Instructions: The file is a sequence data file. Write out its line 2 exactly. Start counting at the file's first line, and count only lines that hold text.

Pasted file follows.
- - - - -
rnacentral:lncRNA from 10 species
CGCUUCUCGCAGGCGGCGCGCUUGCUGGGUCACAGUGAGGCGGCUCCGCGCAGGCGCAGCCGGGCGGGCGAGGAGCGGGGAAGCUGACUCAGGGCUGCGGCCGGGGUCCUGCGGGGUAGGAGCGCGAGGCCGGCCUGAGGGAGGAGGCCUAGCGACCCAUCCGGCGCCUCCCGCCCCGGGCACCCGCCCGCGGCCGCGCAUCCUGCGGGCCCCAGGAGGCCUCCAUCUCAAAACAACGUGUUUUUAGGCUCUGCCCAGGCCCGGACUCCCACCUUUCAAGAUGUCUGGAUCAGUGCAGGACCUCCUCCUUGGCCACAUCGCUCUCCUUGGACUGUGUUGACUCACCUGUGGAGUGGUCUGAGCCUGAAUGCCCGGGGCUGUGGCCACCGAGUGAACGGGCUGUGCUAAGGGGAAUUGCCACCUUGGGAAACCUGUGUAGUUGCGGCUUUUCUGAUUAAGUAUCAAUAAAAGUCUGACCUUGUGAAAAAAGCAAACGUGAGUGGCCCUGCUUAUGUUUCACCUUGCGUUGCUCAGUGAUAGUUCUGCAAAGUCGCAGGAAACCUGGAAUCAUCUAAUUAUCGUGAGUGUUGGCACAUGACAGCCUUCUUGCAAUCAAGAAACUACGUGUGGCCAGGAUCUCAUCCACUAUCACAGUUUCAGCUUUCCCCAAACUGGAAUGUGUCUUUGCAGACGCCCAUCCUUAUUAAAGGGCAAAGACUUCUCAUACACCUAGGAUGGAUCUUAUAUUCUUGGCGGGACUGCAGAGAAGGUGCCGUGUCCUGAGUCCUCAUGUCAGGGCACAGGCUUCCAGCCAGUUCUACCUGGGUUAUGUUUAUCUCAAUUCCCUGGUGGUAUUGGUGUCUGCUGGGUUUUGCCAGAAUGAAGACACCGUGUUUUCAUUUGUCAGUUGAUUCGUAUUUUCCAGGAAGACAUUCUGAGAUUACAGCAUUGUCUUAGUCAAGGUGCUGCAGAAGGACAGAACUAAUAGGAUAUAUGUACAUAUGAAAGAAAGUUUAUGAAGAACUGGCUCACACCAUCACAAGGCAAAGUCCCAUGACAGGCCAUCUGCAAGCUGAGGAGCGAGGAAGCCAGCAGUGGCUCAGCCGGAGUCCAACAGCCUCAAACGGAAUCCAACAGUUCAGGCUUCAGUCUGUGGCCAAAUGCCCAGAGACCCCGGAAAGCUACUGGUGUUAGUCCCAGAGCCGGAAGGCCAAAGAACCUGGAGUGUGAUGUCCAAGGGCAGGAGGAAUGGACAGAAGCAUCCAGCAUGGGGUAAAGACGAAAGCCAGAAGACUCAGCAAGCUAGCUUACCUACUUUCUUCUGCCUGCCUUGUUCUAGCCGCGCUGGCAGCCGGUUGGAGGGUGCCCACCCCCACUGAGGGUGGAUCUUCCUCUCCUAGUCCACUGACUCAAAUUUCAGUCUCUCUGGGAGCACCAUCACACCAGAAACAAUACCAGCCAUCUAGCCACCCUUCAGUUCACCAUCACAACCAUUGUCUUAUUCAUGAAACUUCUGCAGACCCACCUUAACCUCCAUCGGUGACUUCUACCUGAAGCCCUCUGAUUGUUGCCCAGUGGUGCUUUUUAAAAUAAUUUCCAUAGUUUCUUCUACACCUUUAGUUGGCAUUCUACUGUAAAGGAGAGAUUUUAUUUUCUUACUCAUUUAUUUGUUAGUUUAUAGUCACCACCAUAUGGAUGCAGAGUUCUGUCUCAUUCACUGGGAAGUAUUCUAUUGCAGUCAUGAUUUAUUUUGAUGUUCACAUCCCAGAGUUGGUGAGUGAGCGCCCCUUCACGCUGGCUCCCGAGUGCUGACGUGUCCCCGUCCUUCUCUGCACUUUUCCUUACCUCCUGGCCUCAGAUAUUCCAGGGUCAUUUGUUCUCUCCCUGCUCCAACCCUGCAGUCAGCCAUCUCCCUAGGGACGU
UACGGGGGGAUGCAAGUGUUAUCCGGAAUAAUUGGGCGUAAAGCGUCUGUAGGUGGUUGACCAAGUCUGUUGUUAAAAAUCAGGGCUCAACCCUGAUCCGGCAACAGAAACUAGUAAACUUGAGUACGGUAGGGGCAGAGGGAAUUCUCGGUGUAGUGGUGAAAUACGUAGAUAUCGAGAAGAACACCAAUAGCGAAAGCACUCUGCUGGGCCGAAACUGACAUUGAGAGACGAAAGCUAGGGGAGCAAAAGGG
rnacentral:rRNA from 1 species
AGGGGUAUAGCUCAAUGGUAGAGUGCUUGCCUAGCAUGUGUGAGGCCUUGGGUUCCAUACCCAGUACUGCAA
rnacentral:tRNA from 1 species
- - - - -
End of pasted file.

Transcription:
CGCUUCUCGCAGGCGGCGCGCUUGCUGGGUCACAGUGAGGCGGCUCCGCGCAGGCGCAGCCGGGCGGGCGAGGAGCGGGGAAGCUGACUCAGGGCUGCGGCCGGGGUCCUGCGGGGUAGGAGCGCGAGGCCGGCCUGAGGGAGGAGGCCUAGCGACCCAUCCGGCGCCUCCCGCCCCGGGCACCCGCCCGCGGCCGCGCAUCCUGCGGGCCCCAGGAGGCCUCCAUCUCAAAACAACGUGUUUUUAGGCUCUGCCCAGGCCCGGACUCCCACCUUUCAAGAUGUCUGGAUCAGUGCAGGACCUCCUCCUUGGCCACAUCGCUCUCCUUGGACUGUGUUGACUCACCUGUGGAGUGGUCUGAGCCUGAAUGCCCGGGGCUGUGGCCACCGAGUGAACGGGCUGUGCUAAGGGGAAUUGCCACCUUGGGAAACCUGUGUAGUUGCGGCUUUUCUGAUUAAGUAUCAAUAAAAGUCUGACCUUGUGAAAAAAGCAAACGUGAGUGGCCCUGCUUAUGUUUCACCUUGCGUUGCUCAGUGAUAGUUCUGCAAAGUCGCAGGAAACCUGGAAUCAUCUAAUUAUCGUGAGUGUUGGCACAUGACAGCCUUCUUGCAAUCAAGAAACUACGUGUGGCCAGGAUCUCAUCCACUAUCACAGUUUCAGCUUUCCCCAAACUGGAAUGUGUCUUUGCAGACGCCCAUCCUUAUUAAAGGGCAAAGACUUCUCAUACACCUAGGAUGGAUCUUAUAUUCUUGGCGGGACUGCAGAGAAGGUGCCGUGUCCUGAGUCCUCAUGUCAGGGCACAGGCUUCCAGCCAGUUCUACCUGGGUUAUGUUUAUCUCAAUUCCCUGGUGGUAUUGGUGUCUGCUGGGUUUUGCCAGAAUGAAGACACCGUGUUUUCAUUUGUCAGUUGAUUCGUAUUUUCCAGGAAGACAUUCUGAGAUUACAGCAUUGUCUUAGUCAAGGUGCUGCAGAAGGACAGAACUAAUAGGAUAUAUGUACAUAUGAAAGAAAGUUUAUGAAGAACUGGCUCACACCAUCACAAGGCAAAGUCCCAUGACAGGCCAUCUGCAAGCUGAGGAGCGAGGAAGCCAGCAGUGGCUCAGCCGGAGUCCAACAGCCUCAAACGGAAUCCAACAGUUCAGGCUUCAGUCUGUGGCCAAAUGCCCAGAGACCCCGGAAAGCUACUGGUGUUAGUCCCAGAGCCGGAAGGCCAAAGAACCUGGAGUGUGAUGUCCAAGGGCAGGAGGAAUGGACAGAAGCAUCCAGCAUGGGGUAAAGACGAAAGCCAGAAGACUCAGCAAGCUAGCUUACCUACUUUCUUCUGCCUGCCUUGUUCUAGCCGCGCUGGCAGCCGGUUGGAGGGUGCCCACCCCCACUGAGGGUGGAUCUUCCUCUCCUAGUCCACUGACUCAAAUUUCAGUCUCUCUGGGAGCACCAUCACACCAGAAACAAUACCAGCCAUCUAGCCACCCUUCAGUUCACCAUCACAACCAUUGUCUUAUUCAUGAAACUUCUGCAGACCCACCUUAACCUCCAUCGGUGACUUCUACCUGAAGCCCUCUGAUUGUUGCCCAGUGGUGCUUUUUAAAAUAAUUUCCAUAGUUUCUUCUACACCUUUAGUUGGCAUUCUACUGUAAAGGAGAGAUUUUAUUUUCUUACUCAUUUAUUUGUUAGUUUAUAGUCACCACCAUAUGGAUGCAGAGUUCUGUCUCAUUCACUGGGAAGUAUUCUAUUGCAGUCAUGAUUUAUUUUGAUGUUCACAUCCCAGAGUUGGUGAGUGAGCGCCCCUUCACGCUGGCUCCCGAGUGCUGACGUGUCCCCGUCCUUCUCUGCACUUUUCCUUACCUCCUGGCCUCAGAUAUUCCAGGGUCAUUUGUUCUCUCCCUGCUCCAACCCUGCAGUCAGCCAUCUCCCUAGGGACGU